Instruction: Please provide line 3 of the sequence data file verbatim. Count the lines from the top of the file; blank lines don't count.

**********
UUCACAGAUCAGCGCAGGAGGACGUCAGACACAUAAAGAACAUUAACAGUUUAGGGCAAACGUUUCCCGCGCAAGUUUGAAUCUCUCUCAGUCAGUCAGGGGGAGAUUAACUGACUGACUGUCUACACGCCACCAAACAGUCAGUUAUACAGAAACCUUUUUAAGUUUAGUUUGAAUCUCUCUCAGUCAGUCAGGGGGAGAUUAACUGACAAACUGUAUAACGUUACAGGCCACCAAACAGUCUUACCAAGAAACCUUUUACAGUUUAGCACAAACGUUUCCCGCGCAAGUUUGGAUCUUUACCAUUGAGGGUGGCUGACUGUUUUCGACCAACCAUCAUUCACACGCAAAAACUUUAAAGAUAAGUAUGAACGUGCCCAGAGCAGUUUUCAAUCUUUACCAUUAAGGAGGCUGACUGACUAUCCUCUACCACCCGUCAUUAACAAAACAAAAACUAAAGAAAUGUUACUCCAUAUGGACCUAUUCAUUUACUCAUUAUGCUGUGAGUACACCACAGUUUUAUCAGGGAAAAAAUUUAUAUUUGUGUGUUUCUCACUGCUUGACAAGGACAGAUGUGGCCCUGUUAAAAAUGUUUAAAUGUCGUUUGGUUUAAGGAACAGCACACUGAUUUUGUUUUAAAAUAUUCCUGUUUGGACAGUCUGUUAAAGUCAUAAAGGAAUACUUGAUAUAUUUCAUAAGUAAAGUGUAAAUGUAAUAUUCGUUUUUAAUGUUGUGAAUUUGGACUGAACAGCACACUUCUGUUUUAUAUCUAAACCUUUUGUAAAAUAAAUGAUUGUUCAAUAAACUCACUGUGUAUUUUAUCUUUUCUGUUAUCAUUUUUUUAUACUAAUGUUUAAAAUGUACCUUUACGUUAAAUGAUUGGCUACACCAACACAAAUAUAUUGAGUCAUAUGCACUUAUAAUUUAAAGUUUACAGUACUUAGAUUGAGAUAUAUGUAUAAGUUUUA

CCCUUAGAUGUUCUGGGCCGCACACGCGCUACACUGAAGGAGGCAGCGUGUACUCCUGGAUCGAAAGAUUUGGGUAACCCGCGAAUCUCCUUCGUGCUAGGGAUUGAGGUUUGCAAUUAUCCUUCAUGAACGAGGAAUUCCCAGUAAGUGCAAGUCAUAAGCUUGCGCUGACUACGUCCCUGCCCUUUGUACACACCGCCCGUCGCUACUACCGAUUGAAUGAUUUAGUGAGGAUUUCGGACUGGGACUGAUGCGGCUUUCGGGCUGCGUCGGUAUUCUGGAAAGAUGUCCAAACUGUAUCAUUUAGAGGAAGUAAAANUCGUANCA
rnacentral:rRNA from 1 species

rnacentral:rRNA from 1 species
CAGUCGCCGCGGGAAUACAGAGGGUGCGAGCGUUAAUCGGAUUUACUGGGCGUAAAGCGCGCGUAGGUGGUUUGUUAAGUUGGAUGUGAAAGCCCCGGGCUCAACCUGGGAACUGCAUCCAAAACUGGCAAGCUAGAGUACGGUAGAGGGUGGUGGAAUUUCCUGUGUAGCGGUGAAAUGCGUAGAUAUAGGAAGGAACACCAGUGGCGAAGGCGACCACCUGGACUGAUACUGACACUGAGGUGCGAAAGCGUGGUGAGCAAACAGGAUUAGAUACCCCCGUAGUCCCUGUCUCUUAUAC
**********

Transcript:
rnacentral:rRNA from 1 species